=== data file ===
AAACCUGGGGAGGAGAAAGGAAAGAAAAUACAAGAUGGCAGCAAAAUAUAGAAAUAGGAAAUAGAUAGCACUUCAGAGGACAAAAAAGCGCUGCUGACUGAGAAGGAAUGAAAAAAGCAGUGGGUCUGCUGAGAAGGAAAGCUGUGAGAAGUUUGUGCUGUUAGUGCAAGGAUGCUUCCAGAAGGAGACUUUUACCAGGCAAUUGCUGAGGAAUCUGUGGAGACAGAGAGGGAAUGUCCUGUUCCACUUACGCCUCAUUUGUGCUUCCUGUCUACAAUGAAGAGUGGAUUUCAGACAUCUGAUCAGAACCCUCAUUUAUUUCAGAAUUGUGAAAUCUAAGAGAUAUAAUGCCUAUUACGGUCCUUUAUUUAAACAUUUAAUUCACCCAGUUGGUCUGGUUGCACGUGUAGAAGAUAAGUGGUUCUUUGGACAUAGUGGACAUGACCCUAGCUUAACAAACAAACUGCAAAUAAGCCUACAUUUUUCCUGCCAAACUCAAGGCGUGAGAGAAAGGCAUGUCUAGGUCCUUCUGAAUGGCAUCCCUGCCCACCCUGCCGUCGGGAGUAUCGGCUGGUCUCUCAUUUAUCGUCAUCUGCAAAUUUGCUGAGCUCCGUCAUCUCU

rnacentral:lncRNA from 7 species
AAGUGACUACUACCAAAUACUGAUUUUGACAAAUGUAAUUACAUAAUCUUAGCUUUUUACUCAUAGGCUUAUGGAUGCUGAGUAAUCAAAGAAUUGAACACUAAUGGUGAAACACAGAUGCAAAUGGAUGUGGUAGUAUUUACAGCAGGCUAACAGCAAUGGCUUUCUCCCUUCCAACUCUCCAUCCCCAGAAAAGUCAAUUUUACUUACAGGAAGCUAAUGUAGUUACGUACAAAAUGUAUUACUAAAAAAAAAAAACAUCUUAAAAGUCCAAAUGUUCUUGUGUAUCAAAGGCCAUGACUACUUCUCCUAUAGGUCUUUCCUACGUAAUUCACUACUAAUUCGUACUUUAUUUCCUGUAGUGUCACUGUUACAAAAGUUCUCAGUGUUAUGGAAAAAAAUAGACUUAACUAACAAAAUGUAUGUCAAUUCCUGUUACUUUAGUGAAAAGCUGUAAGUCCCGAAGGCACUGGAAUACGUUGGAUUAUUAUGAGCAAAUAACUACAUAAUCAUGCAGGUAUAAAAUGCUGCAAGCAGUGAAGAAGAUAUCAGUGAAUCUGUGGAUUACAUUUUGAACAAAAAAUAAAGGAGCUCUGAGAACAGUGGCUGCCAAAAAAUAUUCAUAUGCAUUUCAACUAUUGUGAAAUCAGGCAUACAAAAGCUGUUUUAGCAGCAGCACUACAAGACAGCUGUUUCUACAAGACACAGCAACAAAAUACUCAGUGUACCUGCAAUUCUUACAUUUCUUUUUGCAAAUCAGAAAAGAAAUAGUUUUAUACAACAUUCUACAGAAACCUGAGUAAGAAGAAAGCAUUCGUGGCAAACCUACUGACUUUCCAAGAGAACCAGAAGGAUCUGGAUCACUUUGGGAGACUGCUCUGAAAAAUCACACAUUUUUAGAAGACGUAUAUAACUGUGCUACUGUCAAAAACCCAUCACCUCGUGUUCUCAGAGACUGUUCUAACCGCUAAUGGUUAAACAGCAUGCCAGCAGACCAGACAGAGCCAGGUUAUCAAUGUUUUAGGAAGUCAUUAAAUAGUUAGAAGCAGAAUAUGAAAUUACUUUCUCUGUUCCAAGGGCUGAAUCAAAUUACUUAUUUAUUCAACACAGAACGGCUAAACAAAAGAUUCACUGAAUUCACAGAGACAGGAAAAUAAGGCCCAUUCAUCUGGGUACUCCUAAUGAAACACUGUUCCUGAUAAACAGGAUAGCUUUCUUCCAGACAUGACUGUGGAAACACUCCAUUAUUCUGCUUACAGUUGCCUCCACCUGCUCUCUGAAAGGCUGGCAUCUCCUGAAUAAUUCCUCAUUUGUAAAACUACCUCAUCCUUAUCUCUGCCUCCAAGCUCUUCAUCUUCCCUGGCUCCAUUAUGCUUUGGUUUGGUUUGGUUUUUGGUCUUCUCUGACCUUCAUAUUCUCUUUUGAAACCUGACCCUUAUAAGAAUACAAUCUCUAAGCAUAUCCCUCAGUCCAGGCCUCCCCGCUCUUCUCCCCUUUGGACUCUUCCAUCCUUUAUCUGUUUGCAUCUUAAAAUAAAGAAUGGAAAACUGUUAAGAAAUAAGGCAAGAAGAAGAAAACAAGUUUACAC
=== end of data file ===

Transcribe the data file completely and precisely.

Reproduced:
AAACCUGGGGAGGAGAAAGGAAAGAAAAUACAAGAUGGCAGCAAAAUAUAGAAAUAGGAAAUAGAUAGCACUUCAGAGGACAAAAAAGCGCUGCUGACUGAGAAGGAAUGAAAAAAGCAGUGGGUCUGCUGAGAAGGAAAGCUGUGAGAAGUUUGUGCUGUUAGUGCAAGGAUGCUUCCAGAAGGAGACUUUUACCAGGCAAUUGCUGAGGAAUCUGUGGAGACAGAGAGGGAAUGUCCUGUUCCACUUACGCCUCAUUUGUGCUUCCUGUCUACAAUGAAGAGUGGAUUUCAGACAUCUGAUCAGAACCCUCAUUUAUUUCAGAAUUGUGAAAUCUAAGAGAUAUAAUGCCUAUUACGGUCCUUUAUUUAAACAUUUAAUUCACCCAGUUGGUCUGGUUGCACGUGUAGAAGAUAAGUGGUUCUUUGGACAUAGUGGACAUGACCCUAGCUUAACAAACAAACUGCAAAUAAGCCUACAUUUUUCCUGCCAAACUCAAGGCGUGAGAGAAAGGCAUGUCUAGGUCCUUCUGAAUGGCAUCCCUGCCCACCCUGCCGUCGGGAGUAUCGGCUGGUCUCUCAUUUAUCGUCAUCUGCAAAUUUGCUGAGCUCCGUCAUCUCU

rnacentral:lncRNA from 7 species
AAGUGACUACUACCAAAUACUGAUUUUGACAAAUGUAAUUACAUAAUCUUAGCUUUUUACUCAUAGGCUUAUGGAUGCUGAGUAAUCAAAGAAUUGAACACUAAUGGUGAAACACAGAUGCAAAUGGAUGUGGUAGUAUUUACAGCAGGCUAACAGCAAUGGCUUUCUCCCUUCCAACUCUCCAUCCCCAGAAAAGUCAAUUUUACUUACAGGAAGCUAAUGUAGUUACGUACAAAAUGUAUUACUAAAAAAAAAAAACAUCUUAAAAGUCCAAAUGUUCUUGUGUAUCAAAGGCCAUGACUACUUCUCCUAUAGGUCUUUCCUACGUAAUUCACUACUAAUUCGUACUUUAUUUCCUGUAGUGUCACUGUUACAAAAGUUCUCAGUGUUAUGGAAAAAAAUAGACUUAACUAACAAAAUGUAUGUCAAUUCCUGUUACUUUAGUGAAAAGCUGUAAGUCCCGAAGGCACUGGAAUACGUUGGAUUAUUAUGAGCAAAUAACUACAUAAUCAUGCAGGUAUAAAAUGCUGCAAGCAGUGAAGAAGAUAUCAGUGAAUCUGUGGAUUACAUUUUGAACAAAAAAUAAAGGAGCUCUGAGAACAGUGGCUGCCAAAAAAUAUUCAUAUGCAUUUCAACUAUUGUGAAAUCAGGCAUACAAAAGCUGUUUUAGCAGCAGCACUACAAGACAGCUGUUUCUACAAGACACAGCAACAAAAUACUCAGUGUACCUGCAAUUCUUACAUUUCUUUUUGCAAAUCAGAAAAGAAAUAGUUUUAUACAACAUUCUACAGAAACCUGAGUAAGAAGAAAGCAUUCGUGGCAAACCUACUGACUUUCCAAGAGAACCAGAAGGAUCUGGAUCACUUUGGGAGACUGCUCUGAAAAAUCACACAUUUUUAGAAGACGUAUAUAACUGUGCUACUGUCAAAAACCCAUCACCUCGUGUUCUCAGAGACUGUUCUAACCGCUAAUGGUUAAACAGCAUGCCAGCAGACCAGACAGAGCCAGGUUAUCAAUGUUUUAGGAAGUCAUUAAAUAGUUAGAAGCAGAAUAUGAAAUUACUUUCUCUGUUCCAAGGGCUGAAUCAAAUUACUUAUUUAUUCAACACAGAACGGCUAAACAAAAGAUUCACUGAAUUCACAGAGACAGGAAAAUAAGGCCCAUUCAUCUGGGUACUCCUAAUGAAACACUGUUCCUGAUAAACAGGAUAGCUUUCUUCCAGACAUGACUGUGGAAACACUCCAUUAUUCUGCUUACAGUUGCCUCCACCUGCUCUCUGAAAGGCUGGCAUCUCCUGAAUAAUUCCUCAUUUGUAAAACUACCUCAUCCUUAUCUCUGCCUCCAAGCUCUUCAUCUUCCCUGGCUCCAUUAUGCUUUGGUUUGGUUUGGUUUUUGGUCUUCUCUGACCUUCAUAUUCUCUUUUGAAACCUGACCCUUAUAAGAAUACAAUCUCUAAGCAUAUCCCUCAGUCCAGGCCUCCCCGCUCUUCUCCCCUUUGGACUCUUCCAUCCUUUAUCUGUUUGCAUCUUAAAAUAAAGAAUGGAAAACUGUUAAGAAAUAAGGCAAGAAGAAGAAAACAAGUUUACAC